An assessment should also consider the implications of plausible and extreme scenarios stemming from the loss of strategic sources of supplies for an extended period, including exposure to data security risks and physical access to sensitive information, the financial impact, expected recovery time, and adequacy of current recovery and contingency plans. To illustrate, directors should inquire whether management has considered the following questions:
What would happen if we were to lose, for any reason, one or more of the suppliers that we depend on for essential raw materials and components?
How long would we be able to operate?
What if there were significant disruptions in transportation?
What contingency plans do we have?
Have our key suppliers performed their own risk assessments with respect to key “Tier Two” or “Tier Three” suppliers? How do we know?
The board should be informed of the results of these assessments.
Boards and executive teams are challenged by a fast-changing, highly interdependent, and often ambiguous external environment that continually creates unforeseen opportunities and risks. Volatility is the new normal. Not surprisingly, according to the National Association of Corporate Directors’ (NACD) most recent public company governance survey, global economic uncertainty ranks as the top trend corporate directors believe will impact their company in 2017. In yet another NACD poll conducted during a recent webinar, 49 percent of directors did not feel that management was providing them with a reliable view of the future.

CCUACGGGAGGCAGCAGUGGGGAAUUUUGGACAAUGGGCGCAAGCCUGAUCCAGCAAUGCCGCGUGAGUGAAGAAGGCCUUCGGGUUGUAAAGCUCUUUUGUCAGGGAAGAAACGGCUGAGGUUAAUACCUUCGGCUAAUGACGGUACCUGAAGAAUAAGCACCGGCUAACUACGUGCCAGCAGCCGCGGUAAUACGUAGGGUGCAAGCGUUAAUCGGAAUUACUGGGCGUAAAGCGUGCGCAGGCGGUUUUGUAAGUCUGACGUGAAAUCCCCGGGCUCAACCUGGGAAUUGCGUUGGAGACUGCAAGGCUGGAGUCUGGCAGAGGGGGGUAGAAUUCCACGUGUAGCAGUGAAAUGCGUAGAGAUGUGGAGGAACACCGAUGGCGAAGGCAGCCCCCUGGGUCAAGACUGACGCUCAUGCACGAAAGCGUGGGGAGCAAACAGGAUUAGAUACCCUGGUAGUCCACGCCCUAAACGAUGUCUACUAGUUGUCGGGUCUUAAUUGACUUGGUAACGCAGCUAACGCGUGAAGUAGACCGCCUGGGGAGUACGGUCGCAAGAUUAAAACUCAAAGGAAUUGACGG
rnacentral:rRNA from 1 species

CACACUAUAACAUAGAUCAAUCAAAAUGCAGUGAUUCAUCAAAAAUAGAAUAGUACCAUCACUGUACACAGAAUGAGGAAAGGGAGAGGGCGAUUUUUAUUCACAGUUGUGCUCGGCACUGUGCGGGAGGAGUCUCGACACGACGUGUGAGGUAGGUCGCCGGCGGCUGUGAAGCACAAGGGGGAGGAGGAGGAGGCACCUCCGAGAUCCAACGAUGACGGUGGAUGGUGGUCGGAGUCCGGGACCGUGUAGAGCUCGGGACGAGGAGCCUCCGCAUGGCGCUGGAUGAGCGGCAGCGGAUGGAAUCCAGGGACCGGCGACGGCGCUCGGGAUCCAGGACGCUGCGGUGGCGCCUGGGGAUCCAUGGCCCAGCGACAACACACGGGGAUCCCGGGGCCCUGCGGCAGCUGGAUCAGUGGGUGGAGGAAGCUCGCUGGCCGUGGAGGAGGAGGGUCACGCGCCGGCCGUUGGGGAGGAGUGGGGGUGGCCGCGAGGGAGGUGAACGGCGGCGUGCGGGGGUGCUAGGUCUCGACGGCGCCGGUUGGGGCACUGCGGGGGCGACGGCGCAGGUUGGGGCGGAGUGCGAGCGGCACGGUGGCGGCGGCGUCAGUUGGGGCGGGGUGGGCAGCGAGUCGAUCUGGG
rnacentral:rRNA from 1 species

The recent election of Donald J. Trump as President of the United States is likely to contribute to this growing sense of uncertainty, with the corporate director community evenly divided about the potential impact, according to the NACD webinar poll. Forty-two percent of directors report that his administration will be good for business, while 42 percent are unsure about the impact, and still another 16 percent believe that a Trump presidency will not be good for business.
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In this complex, uncertain environment, what can boards do to gain more comfort from management that risks are accurately identified and well-controlled?
The International Standards Organization in ISO 31000 defines risk as “the effect of uncertainty on objectives,” which can be a negative or positive deviation from what is expected. More specific to business, the Committee of Sponsoring Organizations of the Treadway Commission (COSO) is currently defining risk as “The possibility that events will occur and affect the achievement of strategy and business objectives.” Each of these definitions of risk exposes a company to potential loss—indeed, yet another definition of risk authored by insurance professionals highlights risk as the possibility of loss. Yet when viewed as part of an active business dynamic, risk, as daunting as its manifestations may be, is far more than the chance of loss. Rather, risk is a level of uncertainty that can create economic opportunity.